It is good to be aware of the circumstances that must come together if you are to develop a spiritual basis to your life through meditation and Zen training. By attending to the underpinnings that support you on the path, you can create and maintain a strong base for realizing your highest self in daily life. You can develop greater appreciation for your good fortune, and not take it for granted.
At the same time, it is also good to remind yourself that many people do not have such good circumstances. To do so will prevent you from making the mistake of judging and criticizing others. If you recognize that people need support in order to live their lives on a spiritual basis, you can aspire to provide them with the same kind of support that has enabled you to develop spiritually.
The first principal support for Zen training is a teacher, someone who has practiced and studied Zen for many years. You may have first heard about Zen and meditation through a book, a movie or from a friend, but no matter where you heard about it, if you trace it back, these teachings come from real live human beings, beginning with the Buddha himself in fourth century BC, extending through China, Japan and, finally, in the early 1960s, to North America. Without the hard work and sacrifices of many generations of teachers, you would never have heard about the possibility of Zen training.
The second principal cause is to understand the importance of meditation and Zen training. We all have the ability to work with our own minds; it is our natural capacity. But although all people have this capacity, few act on it. Recognizing that spiritual training is both possible and important, and acting on that recognition by working with a teacher and a community of practitioners, is the second strong support for practice.
The third principal cause is to have adequate social and economic support for your practice. You need to be practical. It is extremely difficult to develop a spiritually focused mind with an empty belly. Children and families need food, clothing, shelter and a loving home environment, and it is important to establish these conditions before starting a focused practice. Once you have worked to create the time and conditions for furthering your practice and undertaking Zen training, you can join with the first two causes, find a teacher and a community in which to train and make meditation and Zen practice the focus of your activities in daily life.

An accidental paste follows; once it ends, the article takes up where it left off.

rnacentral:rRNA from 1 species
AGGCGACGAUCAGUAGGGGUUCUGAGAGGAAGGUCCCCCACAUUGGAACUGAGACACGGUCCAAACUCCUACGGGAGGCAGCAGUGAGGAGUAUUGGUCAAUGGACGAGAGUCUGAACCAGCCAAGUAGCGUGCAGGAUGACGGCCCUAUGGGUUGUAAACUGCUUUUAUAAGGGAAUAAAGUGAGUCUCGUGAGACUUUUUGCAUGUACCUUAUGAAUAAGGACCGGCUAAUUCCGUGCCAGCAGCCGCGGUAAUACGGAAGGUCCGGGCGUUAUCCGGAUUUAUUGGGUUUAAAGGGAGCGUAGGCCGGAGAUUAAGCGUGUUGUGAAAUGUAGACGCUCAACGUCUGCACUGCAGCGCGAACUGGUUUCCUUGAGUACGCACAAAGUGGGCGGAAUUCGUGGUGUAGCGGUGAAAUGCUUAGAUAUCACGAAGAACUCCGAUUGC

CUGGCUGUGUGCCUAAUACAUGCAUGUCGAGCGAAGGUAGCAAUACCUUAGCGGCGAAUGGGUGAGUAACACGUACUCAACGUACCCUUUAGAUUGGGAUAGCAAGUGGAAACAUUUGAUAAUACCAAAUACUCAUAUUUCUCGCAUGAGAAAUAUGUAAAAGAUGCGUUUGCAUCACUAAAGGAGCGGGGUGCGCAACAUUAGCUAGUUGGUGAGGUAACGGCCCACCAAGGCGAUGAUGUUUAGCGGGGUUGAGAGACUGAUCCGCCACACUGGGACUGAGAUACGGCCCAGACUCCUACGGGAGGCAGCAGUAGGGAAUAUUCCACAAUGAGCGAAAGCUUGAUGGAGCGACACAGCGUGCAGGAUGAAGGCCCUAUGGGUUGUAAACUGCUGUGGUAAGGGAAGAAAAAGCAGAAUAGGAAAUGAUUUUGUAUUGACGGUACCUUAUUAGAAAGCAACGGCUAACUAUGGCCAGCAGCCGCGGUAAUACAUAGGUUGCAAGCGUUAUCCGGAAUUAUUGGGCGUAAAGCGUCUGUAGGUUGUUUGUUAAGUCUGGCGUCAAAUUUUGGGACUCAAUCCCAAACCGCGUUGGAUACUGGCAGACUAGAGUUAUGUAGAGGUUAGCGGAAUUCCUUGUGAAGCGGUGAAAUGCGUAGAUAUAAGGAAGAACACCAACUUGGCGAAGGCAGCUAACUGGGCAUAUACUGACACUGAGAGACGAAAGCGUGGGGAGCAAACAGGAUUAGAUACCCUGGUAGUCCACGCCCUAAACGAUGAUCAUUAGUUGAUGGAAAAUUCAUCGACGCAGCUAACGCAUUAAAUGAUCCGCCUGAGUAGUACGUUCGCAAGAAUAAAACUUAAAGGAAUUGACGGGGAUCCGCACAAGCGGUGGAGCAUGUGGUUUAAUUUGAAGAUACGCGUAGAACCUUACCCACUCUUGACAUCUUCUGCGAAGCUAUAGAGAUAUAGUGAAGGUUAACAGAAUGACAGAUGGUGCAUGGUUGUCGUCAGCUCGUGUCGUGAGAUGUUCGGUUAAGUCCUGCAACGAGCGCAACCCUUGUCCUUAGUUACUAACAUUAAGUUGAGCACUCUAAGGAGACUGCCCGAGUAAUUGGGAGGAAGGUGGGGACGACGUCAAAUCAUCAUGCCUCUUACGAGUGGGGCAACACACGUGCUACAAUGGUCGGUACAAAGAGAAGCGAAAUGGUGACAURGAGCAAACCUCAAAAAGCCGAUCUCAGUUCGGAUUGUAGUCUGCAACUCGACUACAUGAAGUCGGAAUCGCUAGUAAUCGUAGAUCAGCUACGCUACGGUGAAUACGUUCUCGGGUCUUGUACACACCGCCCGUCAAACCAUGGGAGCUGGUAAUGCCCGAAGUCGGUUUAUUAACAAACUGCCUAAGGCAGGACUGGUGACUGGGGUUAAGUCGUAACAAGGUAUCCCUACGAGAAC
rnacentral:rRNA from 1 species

Suggested practice: What kinds of supports do you need to put in place to help strengthen your practice? Do you need more guidance from an experienced teacher? Do you need deeper confidence in your practice or commitment to training? Or do you need to develop a more stable social or economic base to support your practice? All three of these conditions are essential to Zen training.
This column is a long series of short essays exploring the meaning of the Lojong Slogans. It is inspired by the work of Judy Lief.
Kuya Minogue is the resident teacher at Creston’s ZenWords Zen Centre. For more information, she can be reached at 250-428-3390.